On the virtues of Grammar school education…

In a later blog, Peter Hitchens cites Northern Ireland as one of the few places left where there is not a ‘post code’ lottery for ‘good schools’. Here he argues that socially aspirant Londoners have been moving to Kent and Buckinghamshire in order to gain access to the region’s remaining state funded Grammar schools…

That is why it is so unfair that only the well-off can pay fees. In the 1960s the mid-range private schools were dying, losing pupils to the grammar schools. Now, even a bad private school can look good in the league tables because far too few state schools are any good, and many of those that are good are harder to get into than the most exclusive club you care to name. It wasn’t always like this. Just 40 years ago, in this country, there were thousands of high-quality schools which didn’t charge fees. Most of them were Grammar Schools (in Scotland, Academies). There were also Direct Grant schools, private schools which took a large block of pupils from the local state primary system. The parents of the children involved didn’t pay fees at all.

As a result, many children from less well-off homes got a first-rate education. Alan Bennett’s an example. His father was a Co-op Butcher, but he got to Oxford, with no special measures to help him. Many, many Labour MPs benefited in the same way. In fact, in the mid-1960s the grammar schools were taking over Oxford and Cambridge, even though they weren’t specially-equipped (as the good private schools were) to deal with the classical subjects needed in the entrance exams that Oxbridge then held.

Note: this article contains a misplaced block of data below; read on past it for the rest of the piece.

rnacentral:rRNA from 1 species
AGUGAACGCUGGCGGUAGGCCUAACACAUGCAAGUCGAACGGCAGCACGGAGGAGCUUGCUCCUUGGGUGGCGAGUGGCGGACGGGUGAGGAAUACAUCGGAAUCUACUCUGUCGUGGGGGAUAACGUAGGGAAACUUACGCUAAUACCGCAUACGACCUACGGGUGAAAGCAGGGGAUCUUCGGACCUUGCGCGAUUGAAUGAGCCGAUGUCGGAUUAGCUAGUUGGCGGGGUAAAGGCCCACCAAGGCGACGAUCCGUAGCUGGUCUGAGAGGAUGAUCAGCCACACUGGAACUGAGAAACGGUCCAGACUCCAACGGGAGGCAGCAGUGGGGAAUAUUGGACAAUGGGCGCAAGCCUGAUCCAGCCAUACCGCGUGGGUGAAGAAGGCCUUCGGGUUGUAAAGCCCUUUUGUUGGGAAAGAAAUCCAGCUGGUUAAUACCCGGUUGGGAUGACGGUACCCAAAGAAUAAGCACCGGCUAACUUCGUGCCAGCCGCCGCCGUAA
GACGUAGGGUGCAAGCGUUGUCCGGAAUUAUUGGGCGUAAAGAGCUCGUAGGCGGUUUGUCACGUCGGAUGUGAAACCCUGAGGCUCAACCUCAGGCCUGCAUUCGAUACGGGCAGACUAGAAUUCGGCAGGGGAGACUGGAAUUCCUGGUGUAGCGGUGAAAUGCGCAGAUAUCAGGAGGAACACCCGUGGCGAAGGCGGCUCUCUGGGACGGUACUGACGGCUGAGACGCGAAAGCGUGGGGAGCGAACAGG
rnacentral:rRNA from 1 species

Nobody is saying that the system of 40 years ago was perfect. The 11-plus exam was too arbitrary. Germany has a selective system without any such exam. There were too few grammar schools. Many more could have been built at a fraction of the cost of going comprehensive. There were too few grammar places for girls. More should have been created. The Secondary Moderns, to which 11-plus failures went, were often not as bad as is now claimed – and in many cases better than the comprehensives of today – but badly needed improving. There were supposed to be technical schools, but they often hadn’t been built. They should have been. But whatever was wrong, it was absurd to destroy the one part of the system that actually worked, like amputating a healthy leg and leaving the diseased one in place.

Mick is founding editor of Slugger. He has written papers on the impacts of the Internet on politics and the wider media and is a regular guest and speaking events across Ireland, the UK and Europe. Twitter: @MickFealty

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